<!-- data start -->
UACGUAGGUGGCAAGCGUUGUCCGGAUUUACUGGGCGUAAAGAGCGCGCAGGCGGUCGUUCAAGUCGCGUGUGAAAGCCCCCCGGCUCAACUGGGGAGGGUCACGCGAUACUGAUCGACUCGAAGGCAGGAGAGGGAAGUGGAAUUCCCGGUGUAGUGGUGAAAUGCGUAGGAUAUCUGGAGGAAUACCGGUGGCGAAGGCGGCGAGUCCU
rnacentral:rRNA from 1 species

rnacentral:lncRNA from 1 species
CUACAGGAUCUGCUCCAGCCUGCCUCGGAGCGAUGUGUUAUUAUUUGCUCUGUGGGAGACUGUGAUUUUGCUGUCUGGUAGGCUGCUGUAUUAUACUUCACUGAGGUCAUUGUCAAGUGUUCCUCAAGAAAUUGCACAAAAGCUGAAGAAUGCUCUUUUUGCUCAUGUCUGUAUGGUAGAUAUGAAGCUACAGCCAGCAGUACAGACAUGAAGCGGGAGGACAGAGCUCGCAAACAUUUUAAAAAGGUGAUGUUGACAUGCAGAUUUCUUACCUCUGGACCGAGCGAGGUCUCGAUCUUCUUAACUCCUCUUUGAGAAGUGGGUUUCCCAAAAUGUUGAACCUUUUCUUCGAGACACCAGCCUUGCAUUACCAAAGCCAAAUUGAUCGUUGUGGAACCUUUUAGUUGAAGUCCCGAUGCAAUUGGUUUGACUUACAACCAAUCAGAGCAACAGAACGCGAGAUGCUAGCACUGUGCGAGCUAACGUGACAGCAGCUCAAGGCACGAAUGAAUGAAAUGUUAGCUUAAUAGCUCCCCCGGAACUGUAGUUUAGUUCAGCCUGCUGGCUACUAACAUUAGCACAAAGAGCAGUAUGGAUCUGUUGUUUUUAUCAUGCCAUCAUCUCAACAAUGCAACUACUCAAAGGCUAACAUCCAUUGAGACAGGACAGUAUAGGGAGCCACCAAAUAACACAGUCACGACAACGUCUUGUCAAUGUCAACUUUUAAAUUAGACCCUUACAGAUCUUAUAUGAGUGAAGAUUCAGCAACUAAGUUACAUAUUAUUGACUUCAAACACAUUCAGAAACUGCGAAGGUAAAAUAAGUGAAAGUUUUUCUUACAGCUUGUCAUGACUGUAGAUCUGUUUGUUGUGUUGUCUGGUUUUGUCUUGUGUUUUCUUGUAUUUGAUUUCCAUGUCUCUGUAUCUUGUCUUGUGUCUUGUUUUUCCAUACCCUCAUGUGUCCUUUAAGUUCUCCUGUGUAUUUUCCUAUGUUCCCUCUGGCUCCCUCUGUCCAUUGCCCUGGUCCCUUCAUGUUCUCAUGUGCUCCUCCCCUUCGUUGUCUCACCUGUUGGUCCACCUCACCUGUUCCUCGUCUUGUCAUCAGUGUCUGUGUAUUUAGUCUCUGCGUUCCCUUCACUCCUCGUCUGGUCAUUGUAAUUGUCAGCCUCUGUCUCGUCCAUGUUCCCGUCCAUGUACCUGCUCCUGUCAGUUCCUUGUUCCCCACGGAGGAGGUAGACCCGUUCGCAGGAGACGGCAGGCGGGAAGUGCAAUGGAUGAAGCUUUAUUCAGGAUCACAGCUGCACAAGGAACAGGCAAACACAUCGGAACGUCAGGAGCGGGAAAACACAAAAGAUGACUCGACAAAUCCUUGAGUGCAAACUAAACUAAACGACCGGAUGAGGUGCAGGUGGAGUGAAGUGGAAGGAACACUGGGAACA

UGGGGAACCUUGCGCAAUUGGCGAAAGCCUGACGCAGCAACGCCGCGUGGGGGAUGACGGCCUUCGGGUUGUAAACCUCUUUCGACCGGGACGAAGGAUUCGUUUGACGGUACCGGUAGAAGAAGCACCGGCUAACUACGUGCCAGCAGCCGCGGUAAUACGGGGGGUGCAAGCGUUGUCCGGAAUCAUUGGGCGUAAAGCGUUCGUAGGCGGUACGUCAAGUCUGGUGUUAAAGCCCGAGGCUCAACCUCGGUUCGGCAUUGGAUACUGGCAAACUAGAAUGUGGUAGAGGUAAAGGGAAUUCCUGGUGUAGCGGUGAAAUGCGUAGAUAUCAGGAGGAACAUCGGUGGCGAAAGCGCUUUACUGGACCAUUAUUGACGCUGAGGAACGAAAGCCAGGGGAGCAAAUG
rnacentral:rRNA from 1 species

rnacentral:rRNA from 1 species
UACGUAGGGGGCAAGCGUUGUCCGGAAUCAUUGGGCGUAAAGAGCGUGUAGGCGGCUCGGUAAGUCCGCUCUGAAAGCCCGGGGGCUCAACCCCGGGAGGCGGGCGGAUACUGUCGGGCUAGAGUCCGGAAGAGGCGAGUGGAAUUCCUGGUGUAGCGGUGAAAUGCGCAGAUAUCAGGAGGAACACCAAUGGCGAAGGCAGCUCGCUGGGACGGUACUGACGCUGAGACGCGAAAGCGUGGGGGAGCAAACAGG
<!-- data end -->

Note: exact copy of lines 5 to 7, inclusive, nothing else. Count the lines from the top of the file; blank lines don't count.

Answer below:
UGGGGAACCUUGCGCAAUUGGCGAAAGCCUGACGCAGCAACGCCGCGUGGGGGAUGACGGCCUUCGGGUUGUAAACCUCUUUCGACCGGGACGAAGGAUUCGUUUGACGGUACCGGUAGAAGAAGCACCGGCUAACUACGUGCCAGCAGCCGCGGUAAUACGGGGGGUGCAAGCGUUGUCCGGAAUCAUUGGGCGUAAAGCGUUCGUAGGCGGUACGUCAAGUCUGGUGUUAAAGCCCGAGGCUCAACCUCGGUUCGGCAUUGGAUACUGGCAAACUAGAAUGUGGUAGAGGUAAAGGGAAUUCCUGGUGUAGCGGUGAAAUGCGUAGAUAUCAGGAGGAACAUCGGUGGCGAAAGCGCUUUACUGGACCAUUAUUGACGCUGAGGAACGAAAGCCAGGGGAGCAAAUG
rnacentral:rRNA from 1 species

rnacentral:rRNA from 1 species